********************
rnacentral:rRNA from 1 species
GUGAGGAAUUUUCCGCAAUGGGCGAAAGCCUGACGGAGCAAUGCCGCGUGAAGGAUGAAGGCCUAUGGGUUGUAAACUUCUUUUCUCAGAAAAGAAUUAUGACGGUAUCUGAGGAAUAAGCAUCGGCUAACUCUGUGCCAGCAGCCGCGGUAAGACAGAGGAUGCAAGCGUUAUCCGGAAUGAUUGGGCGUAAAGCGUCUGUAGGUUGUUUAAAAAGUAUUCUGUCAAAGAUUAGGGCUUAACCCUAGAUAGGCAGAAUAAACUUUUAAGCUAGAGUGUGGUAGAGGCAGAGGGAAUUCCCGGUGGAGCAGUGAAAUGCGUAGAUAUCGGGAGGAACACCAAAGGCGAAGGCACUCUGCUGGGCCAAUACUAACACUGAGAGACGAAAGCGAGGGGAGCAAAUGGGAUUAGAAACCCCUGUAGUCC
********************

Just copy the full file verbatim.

rnacentral:rRNA from 1 species
GUGAGGAAUUUUCCGCAAUGGGCGAAAGCCUGACGGAGCAAUGCCGCGUGAAGGAUGAAGGCCUAUGGGUUGUAAACUUCUUUUCUCAGAAAAGAAUUAUGACGGUAUCUGAGGAAUAAGCAUCGGCUAACUCUGUGCCAGCAGCCGCGGUAAGACAGAGGAUGCAAGCGUUAUCCGGAAUGAUUGGGCGUAAAGCGUCUGUAGGUUGUUUAAAAAGUAUUCUGUCAAAGAUUAGGGCUUAACCCUAGAUAGGCAGAAUAAACUUUUAAGCUAGAGUGUGGUAGAGGCAGAGGGAAUUCCCGGUGGAGCAGUGAAAUGCGUAGAUAUCGGGAGGAACACCAAAGGCGAAGGCACUCUGCUGGGCCAAUACUAACACUGAGAGACGAAAGCGAGGGGAGCAAAUGGGAUUAGAAACCCCUGUAGUCC